top of page

Meet Billy Lamont - (Part 1)

Billy Lamont is an American multimedia poet and performer, from NY, with an avant-garde approach to writing, music, performance art, politics, and film. He has performed on national television several times, including on MTV and The Joe Franklin Show, toured, and performed with rock festivals such as Lollapalooza, and appeared on major radio stations across the U.S. He has three books of poetry and nine album CD/digital download releases. His latest album, Eulogy: Flowers for the Living, was just released, and his latest book, Words Ripped From A Soul Still Bleeding: Poems for The Future Edition, is available at Barnes And Noble and Amazon as a paperback or as an eBook.

At the heart of his poetry is the passion to inspire hope and to be a voice for everyday people. His unique vision for poetry into the 21st century, combined with a belief in the power of words for creation, reformation, and healing, brought his influence from grassroots to national success in the 1990s, then to international recognition in the new millennium. His work encourages dignity, upholds life, and serves as a catalyst for a world of readers and listeners, both in the mainstream and on society’s fringes. He inspires many to live in a more loving way, to feel for different justice causes for the first time, and to help with personal and social reform in this Global Age.

Lamont’s three major book releases and eight CDs/digital downloads are available through most major distributors such as, and and can be streamed and listened to on,,,, and many other popular sites.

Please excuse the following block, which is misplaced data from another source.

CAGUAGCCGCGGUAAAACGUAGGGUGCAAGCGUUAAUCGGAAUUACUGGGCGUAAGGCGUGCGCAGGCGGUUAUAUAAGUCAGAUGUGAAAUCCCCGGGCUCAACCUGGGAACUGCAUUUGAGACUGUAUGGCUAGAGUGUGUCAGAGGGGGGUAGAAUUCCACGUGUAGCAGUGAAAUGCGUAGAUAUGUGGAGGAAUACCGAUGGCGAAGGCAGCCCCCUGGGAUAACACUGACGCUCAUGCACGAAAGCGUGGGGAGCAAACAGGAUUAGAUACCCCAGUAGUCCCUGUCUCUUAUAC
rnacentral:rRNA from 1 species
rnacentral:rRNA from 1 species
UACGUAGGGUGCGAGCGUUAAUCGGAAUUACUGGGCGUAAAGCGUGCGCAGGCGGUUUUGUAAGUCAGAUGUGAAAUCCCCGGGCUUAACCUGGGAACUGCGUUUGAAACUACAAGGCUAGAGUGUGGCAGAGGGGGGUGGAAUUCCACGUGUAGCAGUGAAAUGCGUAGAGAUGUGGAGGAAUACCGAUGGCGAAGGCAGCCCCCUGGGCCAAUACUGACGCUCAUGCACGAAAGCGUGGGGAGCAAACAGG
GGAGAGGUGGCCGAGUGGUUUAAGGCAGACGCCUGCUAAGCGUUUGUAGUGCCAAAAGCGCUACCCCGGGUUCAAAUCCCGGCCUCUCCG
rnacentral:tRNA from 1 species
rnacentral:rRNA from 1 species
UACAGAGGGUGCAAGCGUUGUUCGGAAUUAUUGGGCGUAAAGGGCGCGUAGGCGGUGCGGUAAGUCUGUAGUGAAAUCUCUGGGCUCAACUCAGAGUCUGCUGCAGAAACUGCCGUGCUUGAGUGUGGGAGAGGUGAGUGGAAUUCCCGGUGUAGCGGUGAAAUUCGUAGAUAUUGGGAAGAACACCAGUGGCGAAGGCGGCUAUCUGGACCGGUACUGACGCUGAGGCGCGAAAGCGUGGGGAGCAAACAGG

Did you always enjoy poetry? When did you realize you wanted to be a poet?

Yes, I have always enjoyed poetry even in elementary school when I was writing my first poems in the second grade. Also then reciting and acting out Edgar Alan Poe’s The Raven poem in front of my fourth-grade class with my friend Robert, whose mom made a black cape costume for us so we could pretend to be flying around. LOL! :) I would write stories for my family to act out, and do a weekly action figure story, with a cliffhanger story ending, for my brother Bob as a child, but the desire to be a poet came later.

How did you get started as a poet?

I wrote my first real poem as I had inspiration during a church service at St. Joseph’s Church, in Babylon NY, when I was fourteen years old. I would then write rock lyrics and more poetry as a teenager, and I also took a poetry course in high school. I was very close with my Nana – Mary Amoreno – and when I was a teenager she passed on into eternity. I wrote her a poem that ended up getting published locally in The Beacon Newspaper, in Babylon. When attending college my poetry and rock lyrics would get published in the college newspapers and were very well received. To my surprise, I had a following even amongst some college professors.

When I was in my first alternative rock band, Walk On Water, I started creatively incorporating my poetry, as well as singing my song lyrics. My first time reading three poems publicly was at an open mic at Northport Library, in NY. Then I went to the east village in NYC looking for a gig and was thrilled to get my first full solo poetry reading in a loft on St. Marks Place. It was at a homeless person dinner at the Center For Understanding. They liked it so much that they were kind enough to let me use the entire loft space another day soon after to do a full poetry reading, with guitarist Bill Poulos accompanying me. This was all a part of me getting started as a poet.